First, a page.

Saturday, March 8, 2014

Mar 8 (Day 67) - 111 miles and a few new birds!

I am totally wiped out after crossing from the East Coast to West Coast of Florida. This entry will be on the short-side as a result. The wind last night was from the north. This meant it was in the mid-50s when I started my ride at 7am. The weather was really nice all day, and the scenery changed just enough that I did not go completely crazy for the 85 miles of straight road. I was particularly impressed with the number and diversity of herons in the eastern portion of Big Cypress Preserve. The highlight of the day was a Snail kite flying right over my head mid-morning. I also finally saw what I consider to be impressive numbers of alligators. The entire 107-mile ride took almost exactly 8 hours with stops. I probably did about 7 hours 15 mins of actual cycling during that time. This translates to an average speed of 14-15 MPH for the time I spent cycling. I saw my first White-eyed vireo of the year (I heard one previously), and I did well on raptors with the Snail kite, many Swallow-tailed kites, 2 Bald eagles, one Cooper's and many Red-shouldered hawk, several Kestrels, and hundreds of both vultures. I did not find Short-tailed hawk today, but I did add Great-crested flycatcher (#237) along the road.

View #1 on Tamiami trail

View #2 on Tamiami trail

I actually had extra energy when I arrived this afternoon, so I headed out to bird Tigertail Beach on the north end of Marco Island (where I am staying). There is actually a somewhat healthy population of Burrowing owls on this island. They apparently nest in vacate lots which the community eventually fights to develop. It is, as always, an ongoing battle. I did find 2 of the owls (#238) on my ride to the beach. They were standing 15 feet from the sidewalk as people walked by with dogs. These are the tamest Burrowing owls I have ever seen. I snapped a record pic of one of the rather lethargic looking owls.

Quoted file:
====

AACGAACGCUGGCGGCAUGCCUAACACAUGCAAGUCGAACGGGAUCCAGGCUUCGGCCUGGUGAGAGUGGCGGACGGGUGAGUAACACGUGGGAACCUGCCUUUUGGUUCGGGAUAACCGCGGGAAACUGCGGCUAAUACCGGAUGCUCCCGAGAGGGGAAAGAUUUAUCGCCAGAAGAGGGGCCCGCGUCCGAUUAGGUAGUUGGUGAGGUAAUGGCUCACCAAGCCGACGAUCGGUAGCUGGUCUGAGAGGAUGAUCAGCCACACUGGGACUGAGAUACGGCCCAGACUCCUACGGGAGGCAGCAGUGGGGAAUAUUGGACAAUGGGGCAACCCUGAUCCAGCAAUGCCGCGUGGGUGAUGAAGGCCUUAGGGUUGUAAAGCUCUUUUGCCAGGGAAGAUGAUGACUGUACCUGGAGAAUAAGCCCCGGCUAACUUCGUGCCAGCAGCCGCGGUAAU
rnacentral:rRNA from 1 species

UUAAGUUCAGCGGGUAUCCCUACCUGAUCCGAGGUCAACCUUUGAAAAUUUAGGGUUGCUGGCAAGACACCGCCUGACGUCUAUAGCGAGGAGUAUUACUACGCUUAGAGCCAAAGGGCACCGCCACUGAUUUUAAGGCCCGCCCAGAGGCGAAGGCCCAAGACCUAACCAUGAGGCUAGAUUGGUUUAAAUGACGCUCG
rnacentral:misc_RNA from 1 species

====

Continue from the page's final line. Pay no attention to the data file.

***Click for bigger images***

Sleepy Burrowing owl

Tigertail Beach is a long sand spit that attracts lots of shorebirds at this time of year. My main motivation for trekking down the beach was to find Snowy and Wilson's plover. These two species checked into the year's list at #238 and #239, respectively. I was able to manage some decent shots of these birds. I also observed Least and Western Sandpipers, Red Knots, Short-billed dowitchers, Willets, Sanderlings, Black-bellied plovers, Semipalmated plovers, Piping plovers, and Dunlin. I just missed Killdeer for the plover-slam! Caspian tern was a welcome surprise, and a Reddish egret also made an appearance for year bird #241.

The well-camoflauged Snowy plover

Wilson's plover stretch - Best shot from today!

Wilson's plover with habitat

Reddish egret

Tomorrow I will head to Sanibel Island and JN "Ding" Darling NWR. This ride will be about 63 miles. I am now going to get some much needed sleep!

1 comment:

  1. Those are awesome photos! And congratulations on a very long ride.